If you haven’t heard about it already, GDPR stands for General Data Protection Regulation – It is a regulation is EU law on data protection and privacy for all individuals within the European Union. GDPR replaces the 1995 Data Protection Directive and is coming in to force on 25th May 2018.
The Information Commissioners Office (ICO) has published a number of steps to take now to prepare for the new rules. The first step is to create awareness and make sure that all decision makers in your business are aware of GDPR and what this means for your company.
Next, you should complete an information audit – detailing all the data you hold, where it comes from and who it is shared with. Once this is complete, privacy notices should be reviewed and any necessary changes made to these notices before GDPR comes in to effect.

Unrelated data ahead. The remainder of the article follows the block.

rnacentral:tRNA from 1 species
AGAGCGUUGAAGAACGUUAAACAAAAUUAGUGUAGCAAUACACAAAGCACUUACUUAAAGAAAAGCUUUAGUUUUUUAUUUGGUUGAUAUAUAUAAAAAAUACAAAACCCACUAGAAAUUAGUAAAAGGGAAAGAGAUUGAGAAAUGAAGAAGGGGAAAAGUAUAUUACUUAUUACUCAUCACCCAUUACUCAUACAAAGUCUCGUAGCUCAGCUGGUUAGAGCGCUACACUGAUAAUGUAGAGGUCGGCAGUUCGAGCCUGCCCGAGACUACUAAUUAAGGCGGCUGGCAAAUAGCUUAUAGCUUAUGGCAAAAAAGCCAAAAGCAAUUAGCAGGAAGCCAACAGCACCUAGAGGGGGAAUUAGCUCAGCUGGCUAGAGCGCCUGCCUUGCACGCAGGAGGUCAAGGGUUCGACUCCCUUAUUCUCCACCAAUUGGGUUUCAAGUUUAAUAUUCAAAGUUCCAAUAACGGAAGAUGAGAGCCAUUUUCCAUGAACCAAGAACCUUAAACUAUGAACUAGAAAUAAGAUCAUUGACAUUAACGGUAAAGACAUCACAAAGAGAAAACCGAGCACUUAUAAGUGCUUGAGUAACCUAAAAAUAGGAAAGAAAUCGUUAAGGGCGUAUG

Individual right’s are a key factor in the new data protection rules. Procedures need to be put in place so that individual’s are able to access the personal data that companies hold on them and there needs to be a way to remove and delete this information on request. Consent is a major part of GDPR – How a company gets, records and manages consent needs to be made clear.
Examples of personal data
Any data that can be used to identify an individual is considered personal information. This can be:
- Email address
- IP address (used for Google Analytics tracking)
How does a website collect personal data?
Some examples of personal data collection via a website are:
- User registrations
- Contact form entries
- Any other logging tools and plugins
Penalties for non-compliance of GDPR Data Protection
The financial penalties for non-compliance are higher than the old Data Protection Act. There’s an upper limit of 20 million euros or 4% of your annual global turnover, whichever is greater. Authorities can also:
- Issue warnings
- Carry out audits
- Demand that you fix within a strict deadline
- Demand that you erase data
- Stop data transfers to other countries